But as Murphy’s law would have it, especially when it comes to children, you end up doing the exact opposite of what you had planned.

Before I had my son, I always looked at parents of misbehaving kids with diasdain.  ‘How could they let their kids get away with such behaviour?’ I used to wonder. ‘I’ll never be like that when I have my own!’ I used to resolve to myself, in my blissful ignorance.

Of course, once my son was born, I just had to add pepper & salt to my words and gobble them all up.

Tantrums in the mall, check. Screaming in the theatres, check. Making another child cry in a restaurant, Check.

By the time he turned 5, I’d been there and done all that and more.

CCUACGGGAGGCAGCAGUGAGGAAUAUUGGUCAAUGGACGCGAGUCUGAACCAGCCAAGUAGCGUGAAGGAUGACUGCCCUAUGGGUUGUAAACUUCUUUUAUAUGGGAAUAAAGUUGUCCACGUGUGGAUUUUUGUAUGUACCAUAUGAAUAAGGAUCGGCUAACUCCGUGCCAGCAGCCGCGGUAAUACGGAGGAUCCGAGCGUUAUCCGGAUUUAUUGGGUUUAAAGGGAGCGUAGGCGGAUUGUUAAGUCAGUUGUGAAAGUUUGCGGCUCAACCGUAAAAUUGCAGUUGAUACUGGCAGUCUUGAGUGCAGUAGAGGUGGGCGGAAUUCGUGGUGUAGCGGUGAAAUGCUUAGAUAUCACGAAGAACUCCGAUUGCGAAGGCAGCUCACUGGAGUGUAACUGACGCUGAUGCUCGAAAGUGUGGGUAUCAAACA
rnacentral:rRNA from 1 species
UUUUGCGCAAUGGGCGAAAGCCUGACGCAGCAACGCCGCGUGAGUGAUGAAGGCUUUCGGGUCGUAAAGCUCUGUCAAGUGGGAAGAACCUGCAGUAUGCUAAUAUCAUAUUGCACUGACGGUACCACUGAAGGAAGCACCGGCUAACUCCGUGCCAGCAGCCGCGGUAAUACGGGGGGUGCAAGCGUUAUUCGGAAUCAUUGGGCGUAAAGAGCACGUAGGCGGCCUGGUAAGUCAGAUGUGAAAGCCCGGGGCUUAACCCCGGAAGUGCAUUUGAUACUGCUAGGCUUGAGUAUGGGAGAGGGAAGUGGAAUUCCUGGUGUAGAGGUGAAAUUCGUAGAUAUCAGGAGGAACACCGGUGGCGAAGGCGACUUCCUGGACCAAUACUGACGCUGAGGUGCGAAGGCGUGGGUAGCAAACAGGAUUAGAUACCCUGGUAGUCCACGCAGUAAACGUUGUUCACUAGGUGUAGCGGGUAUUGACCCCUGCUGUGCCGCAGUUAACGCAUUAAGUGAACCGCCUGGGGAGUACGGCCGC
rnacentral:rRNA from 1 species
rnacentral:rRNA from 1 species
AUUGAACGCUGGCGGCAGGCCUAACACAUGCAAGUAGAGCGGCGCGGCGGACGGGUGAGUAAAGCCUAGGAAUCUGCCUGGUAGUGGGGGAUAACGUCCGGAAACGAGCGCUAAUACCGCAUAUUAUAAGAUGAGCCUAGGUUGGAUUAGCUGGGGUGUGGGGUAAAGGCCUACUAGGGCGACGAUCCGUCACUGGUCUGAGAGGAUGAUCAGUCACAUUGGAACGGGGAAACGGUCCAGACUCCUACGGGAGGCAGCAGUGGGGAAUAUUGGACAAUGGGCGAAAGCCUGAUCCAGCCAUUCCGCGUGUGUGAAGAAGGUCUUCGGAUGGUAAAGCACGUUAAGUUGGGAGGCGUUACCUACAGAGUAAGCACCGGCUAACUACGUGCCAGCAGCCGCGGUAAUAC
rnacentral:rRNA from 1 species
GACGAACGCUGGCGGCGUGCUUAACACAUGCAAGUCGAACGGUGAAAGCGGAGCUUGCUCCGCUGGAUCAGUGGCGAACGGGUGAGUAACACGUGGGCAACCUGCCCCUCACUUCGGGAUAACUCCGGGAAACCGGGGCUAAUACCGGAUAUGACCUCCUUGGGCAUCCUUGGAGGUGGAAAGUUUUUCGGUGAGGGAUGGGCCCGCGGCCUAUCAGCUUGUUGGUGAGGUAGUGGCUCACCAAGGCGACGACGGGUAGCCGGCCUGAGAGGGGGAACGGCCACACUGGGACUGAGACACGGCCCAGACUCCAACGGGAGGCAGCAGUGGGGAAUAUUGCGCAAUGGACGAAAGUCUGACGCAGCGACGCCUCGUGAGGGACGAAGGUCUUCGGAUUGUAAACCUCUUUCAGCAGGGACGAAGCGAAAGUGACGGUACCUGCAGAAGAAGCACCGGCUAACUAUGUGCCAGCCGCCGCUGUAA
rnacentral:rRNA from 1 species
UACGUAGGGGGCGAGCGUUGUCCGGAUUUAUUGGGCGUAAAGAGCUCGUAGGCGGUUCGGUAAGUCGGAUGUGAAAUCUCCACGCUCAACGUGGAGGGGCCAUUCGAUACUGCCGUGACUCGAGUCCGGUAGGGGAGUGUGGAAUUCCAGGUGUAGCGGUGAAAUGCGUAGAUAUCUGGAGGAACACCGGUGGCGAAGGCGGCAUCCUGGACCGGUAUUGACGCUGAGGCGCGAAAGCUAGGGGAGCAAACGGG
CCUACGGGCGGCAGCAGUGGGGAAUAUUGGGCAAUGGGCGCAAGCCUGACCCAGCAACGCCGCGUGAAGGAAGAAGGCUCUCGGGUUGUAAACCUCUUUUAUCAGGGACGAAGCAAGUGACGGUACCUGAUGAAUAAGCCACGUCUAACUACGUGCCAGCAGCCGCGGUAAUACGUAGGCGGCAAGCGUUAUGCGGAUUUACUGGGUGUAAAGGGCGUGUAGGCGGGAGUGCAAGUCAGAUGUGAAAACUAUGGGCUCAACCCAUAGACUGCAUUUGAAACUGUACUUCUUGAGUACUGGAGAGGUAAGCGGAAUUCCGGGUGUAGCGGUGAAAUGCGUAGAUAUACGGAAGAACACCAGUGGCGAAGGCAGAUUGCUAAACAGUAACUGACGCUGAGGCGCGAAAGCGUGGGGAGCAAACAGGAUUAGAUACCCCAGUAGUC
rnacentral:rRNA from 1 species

Anyway,  I swore to myself that my son will never be one of those snooty kids who spoke only in English and think it’s infra dig to talk in their own language. I spoke to him only in Tamil and urged the father to do the same in Telugu. Though he played along most of the time, my husband invariably reverted to English after the first sentence.

But I plodded on. A friend still remembers when my son  was around two, I got palpitations when I heard her talk to him in English, . “How you yelled at me!” She recalls even now. “Like I slapped him or something!”

And I was very happy his baby-talk was all in Tamil.

Amma! Menaam!” He used to scream when he didn’t want something.

Inniyum’ meant another. “Biyam’ meant he was scared.

Our initial ecstacy over his utterences soon turned to worry when we realised he hadn’t graduated beyond his one word sentences at three, when my friend’s son who was a few months younger was belting out full sentences like an adult.

I panicked as usual. He had just started play-school and there were so many more to compare him to.